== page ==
One in five American teens has at least one risk factor for developing heart disease in adulthood, according to a new research.
The new report from the (CDC) highlights the need to intervene early.
The report reveals that twenty percent of children and teens in the U.S. have an abnormal lipid profile - a sign of high triglycerides, low levels of good cholesterol or high levels of bad cholesterol - and a strong marker for future heart disease risk.
"Although heart disease is typically diagnosed in adulthood, its roots often begin in childhood. Heart disease is the result of a lifelong process and intervention strategies to reduce risk should begin as early as possible," said Sarah Wally, a dietitian with the National Association for Margarine Manufacturers.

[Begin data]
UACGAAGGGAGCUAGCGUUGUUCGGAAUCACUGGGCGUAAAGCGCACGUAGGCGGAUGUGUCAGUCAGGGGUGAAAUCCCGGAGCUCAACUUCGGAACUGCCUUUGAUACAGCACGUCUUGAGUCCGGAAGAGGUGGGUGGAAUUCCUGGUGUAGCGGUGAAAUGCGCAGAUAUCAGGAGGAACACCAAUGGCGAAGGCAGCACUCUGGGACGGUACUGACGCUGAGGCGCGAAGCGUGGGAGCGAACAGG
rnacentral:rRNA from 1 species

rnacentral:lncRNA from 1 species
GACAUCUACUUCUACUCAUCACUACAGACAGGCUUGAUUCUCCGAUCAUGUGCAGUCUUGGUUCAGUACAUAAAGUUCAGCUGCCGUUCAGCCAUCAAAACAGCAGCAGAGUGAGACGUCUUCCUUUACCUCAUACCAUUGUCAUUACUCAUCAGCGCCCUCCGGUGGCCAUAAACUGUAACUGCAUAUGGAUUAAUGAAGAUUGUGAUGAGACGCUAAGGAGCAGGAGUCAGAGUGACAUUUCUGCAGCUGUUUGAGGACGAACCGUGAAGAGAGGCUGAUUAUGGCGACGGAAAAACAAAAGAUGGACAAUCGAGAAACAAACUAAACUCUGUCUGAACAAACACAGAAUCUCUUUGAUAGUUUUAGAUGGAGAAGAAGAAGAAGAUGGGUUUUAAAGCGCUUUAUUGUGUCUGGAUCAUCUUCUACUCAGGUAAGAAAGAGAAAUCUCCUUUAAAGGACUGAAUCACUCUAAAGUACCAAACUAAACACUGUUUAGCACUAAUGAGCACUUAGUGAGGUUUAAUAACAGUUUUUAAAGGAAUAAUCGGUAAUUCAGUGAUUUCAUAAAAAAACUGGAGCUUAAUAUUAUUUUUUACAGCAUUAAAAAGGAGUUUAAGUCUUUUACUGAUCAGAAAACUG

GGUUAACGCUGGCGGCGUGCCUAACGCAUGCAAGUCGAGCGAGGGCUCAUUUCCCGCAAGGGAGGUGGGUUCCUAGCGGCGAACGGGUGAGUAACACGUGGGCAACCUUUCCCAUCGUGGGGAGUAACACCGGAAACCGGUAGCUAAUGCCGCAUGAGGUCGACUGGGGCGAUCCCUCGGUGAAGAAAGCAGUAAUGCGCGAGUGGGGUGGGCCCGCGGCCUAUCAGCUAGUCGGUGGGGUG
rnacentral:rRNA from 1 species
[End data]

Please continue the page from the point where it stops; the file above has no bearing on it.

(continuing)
According to Wally, small changes in daily habits are the key to helping young Americans modify their risk of heart disease.
"Incremental changes in diet and exercise habits are much more effective and successful over the long term," she said.
"Something as simple as swapping from butter to a soft spread margarine can have a lasting impact in improving the nutritional quality of your diet," she added.